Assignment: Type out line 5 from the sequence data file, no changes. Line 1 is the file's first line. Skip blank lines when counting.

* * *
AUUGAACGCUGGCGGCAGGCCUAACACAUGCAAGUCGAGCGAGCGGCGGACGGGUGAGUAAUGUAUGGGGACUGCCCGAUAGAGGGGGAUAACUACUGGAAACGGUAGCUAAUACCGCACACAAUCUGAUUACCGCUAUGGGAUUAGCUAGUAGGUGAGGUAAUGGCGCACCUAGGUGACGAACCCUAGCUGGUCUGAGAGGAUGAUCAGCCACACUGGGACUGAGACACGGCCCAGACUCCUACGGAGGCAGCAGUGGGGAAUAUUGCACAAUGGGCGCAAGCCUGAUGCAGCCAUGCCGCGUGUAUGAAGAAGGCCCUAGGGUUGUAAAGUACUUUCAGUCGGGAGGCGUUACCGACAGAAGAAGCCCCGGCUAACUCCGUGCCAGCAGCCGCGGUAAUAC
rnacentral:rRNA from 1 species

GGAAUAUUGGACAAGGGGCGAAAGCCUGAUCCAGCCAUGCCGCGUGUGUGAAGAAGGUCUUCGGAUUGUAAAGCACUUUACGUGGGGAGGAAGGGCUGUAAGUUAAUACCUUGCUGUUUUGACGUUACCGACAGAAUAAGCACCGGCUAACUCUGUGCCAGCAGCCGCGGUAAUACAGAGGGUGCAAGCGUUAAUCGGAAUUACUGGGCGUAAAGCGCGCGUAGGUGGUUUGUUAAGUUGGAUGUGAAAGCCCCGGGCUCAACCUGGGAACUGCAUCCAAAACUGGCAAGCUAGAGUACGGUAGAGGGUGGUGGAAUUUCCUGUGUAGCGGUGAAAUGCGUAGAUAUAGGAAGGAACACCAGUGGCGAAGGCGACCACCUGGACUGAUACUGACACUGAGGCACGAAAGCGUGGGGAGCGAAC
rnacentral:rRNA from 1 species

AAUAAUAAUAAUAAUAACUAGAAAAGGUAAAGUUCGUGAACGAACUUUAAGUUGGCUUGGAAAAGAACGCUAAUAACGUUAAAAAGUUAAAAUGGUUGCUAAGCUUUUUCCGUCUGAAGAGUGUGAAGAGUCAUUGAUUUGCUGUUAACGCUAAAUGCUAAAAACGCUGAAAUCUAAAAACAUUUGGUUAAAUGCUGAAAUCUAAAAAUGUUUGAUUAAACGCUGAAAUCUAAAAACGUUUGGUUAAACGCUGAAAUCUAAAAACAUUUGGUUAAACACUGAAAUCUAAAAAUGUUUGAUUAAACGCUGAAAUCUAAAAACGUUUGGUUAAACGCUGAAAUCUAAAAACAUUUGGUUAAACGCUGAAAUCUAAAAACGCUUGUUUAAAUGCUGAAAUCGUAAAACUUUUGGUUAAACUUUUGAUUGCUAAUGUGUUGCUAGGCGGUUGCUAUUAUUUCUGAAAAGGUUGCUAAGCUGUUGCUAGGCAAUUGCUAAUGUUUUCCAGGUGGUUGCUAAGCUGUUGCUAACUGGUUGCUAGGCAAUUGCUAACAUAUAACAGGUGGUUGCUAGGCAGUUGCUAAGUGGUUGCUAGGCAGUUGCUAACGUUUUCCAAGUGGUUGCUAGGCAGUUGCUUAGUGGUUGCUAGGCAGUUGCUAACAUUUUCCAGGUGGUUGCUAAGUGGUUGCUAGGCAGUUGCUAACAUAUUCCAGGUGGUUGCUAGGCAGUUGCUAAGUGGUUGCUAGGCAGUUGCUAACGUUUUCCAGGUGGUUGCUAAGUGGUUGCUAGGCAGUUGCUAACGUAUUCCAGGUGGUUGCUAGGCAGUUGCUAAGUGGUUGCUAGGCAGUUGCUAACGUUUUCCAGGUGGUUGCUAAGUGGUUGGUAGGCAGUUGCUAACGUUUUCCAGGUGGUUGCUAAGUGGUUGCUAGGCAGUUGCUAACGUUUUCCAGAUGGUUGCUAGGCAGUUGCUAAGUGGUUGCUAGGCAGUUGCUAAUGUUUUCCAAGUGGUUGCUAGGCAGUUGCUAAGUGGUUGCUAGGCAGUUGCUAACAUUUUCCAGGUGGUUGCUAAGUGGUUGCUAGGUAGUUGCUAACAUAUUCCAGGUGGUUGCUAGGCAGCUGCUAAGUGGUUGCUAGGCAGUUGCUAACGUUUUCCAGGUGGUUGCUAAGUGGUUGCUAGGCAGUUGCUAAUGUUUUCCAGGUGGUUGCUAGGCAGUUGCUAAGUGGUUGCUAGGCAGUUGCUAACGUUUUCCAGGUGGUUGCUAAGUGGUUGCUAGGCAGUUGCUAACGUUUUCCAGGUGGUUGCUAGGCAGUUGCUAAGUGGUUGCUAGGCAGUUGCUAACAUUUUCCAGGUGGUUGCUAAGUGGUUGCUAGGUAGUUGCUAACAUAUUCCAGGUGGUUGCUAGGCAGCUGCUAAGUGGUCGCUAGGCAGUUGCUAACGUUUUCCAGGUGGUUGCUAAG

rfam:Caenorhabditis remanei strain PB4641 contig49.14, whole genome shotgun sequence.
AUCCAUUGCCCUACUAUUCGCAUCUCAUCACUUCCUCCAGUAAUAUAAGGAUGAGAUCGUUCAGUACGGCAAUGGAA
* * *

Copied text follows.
AAUAAUAAUAAUAAUAACUAGAAAAGGUAAAGUUCGUGAACGAACUUUAAGUUGGCUUGGAAAAGAACGCUAAUAACGUUAAAAAGUUAAAAUGGUUGCUAAGCUUUUUCCGUCUGAAGAGUGUGAAGAGUCAUUGAUUUGCUGUUAACGCUAAAUGCUAAAAACGCUGAAAUCUAAAAACAUUUGGUUAAAUGCUGAAAUCUAAAAAUGUUUGAUUAAACGCUGAAAUCUAAAAACGUUUGGUUAAACGCUGAAAUCUAAAAACAUUUGGUUAAACACUGAAAUCUAAAAAUGUUUGAUUAAACGCUGAAAUCUAAAAACGUUUGGUUAAACGCUGAAAUCUAAAAACAUUUGGUUAAACGCUGAAAUCUAAAAACGCUUGUUUAAAUGCUGAAAUCGUAAAACUUUUGGUUAAACUUUUGAUUGCUAAUGUGUUGCUAGGCGGUUGCUAUUAUUUCUGAAAAGGUUGCUAAGCUGUUGCUAGGCAAUUGCUAAUGUUUUCCAGGUGGUUGCUAAGCUGUUGCUAACUGGUUGCUAGGCAAUUGCUAACAUAUAACAGGUGGUUGCUAGGCAGUUGCUAAGUGGUUGCUAGGCAGUUGCUAACGUUUUCCAAGUGGUUGCUAGGCAGUUGCUUAGUGGUUGCUAGGCAGUUGCUAACAUUUUCCAGGUGGUUGCUAAGUGGUUGCUAGGCAGUUGCUAACAUAUUCCAGGUGGUUGCUAGGCAGUUGCUAAGUGGUUGCUAGGCAGUUGCUAACGUUUUCCAGGUGGUUGCUAAGUGGUUGCUAGGCAGUUGCUAACGUAUUCCAGGUGGUUGCUAGGCAGUUGCUAAGUGGUUGCUAGGCAGUUGCUAACGUUUUCCAGGUGGUUGCUAAGUGGUUGGUAGGCAGUUGCUAACGUUUUCCAGGUGGUUGCUAAGUGGUUGCUAGGCAGUUGCUAACGUUUUCCAGAUGGUUGCUAGGCAGUUGCUAAGUGGUUGCUAGGCAGUUGCUAAUGUUUUCCAAGUGGUUGCUAGGCAGUUGCUAAGUGGUUGCUAGGCAGUUGCUAACAUUUUCCAGGUGGUUGCUAAGUGGUUGCUAGGUAGUUGCUAACAUAUUCCAGGUGGUUGCUAGGCAGCUGCUAAGUGGUUGCUAGGCAGUUGCUAACGUUUUCCAGGUGGUUGCUAAGUGGUUGCUAGGCAGUUGCUAAUGUUUUCCAGGUGGUUGCUAGGCAGUUGCUAAGUGGUUGCUAGGCAGUUGCUAACGUUUUCCAGGUGGUUGCUAAGUGGUUGCUAGGCAGUUGCUAACGUUUUCCAGGUGGUUGCUAGGCAGUUGCUAAGUGGUUGCUAGGCAGUUGCUAACAUUUUCCAGGUGGUUGCUAAGUGGUUGCUAGGUAGUUGCUAACAUAUUCCAGGUGGUUGCUAGGCAGCUGCUAAGUGGUCGCUAGGCAGUUGCUAACGUUUUCCAGGUGGUUGCUAAG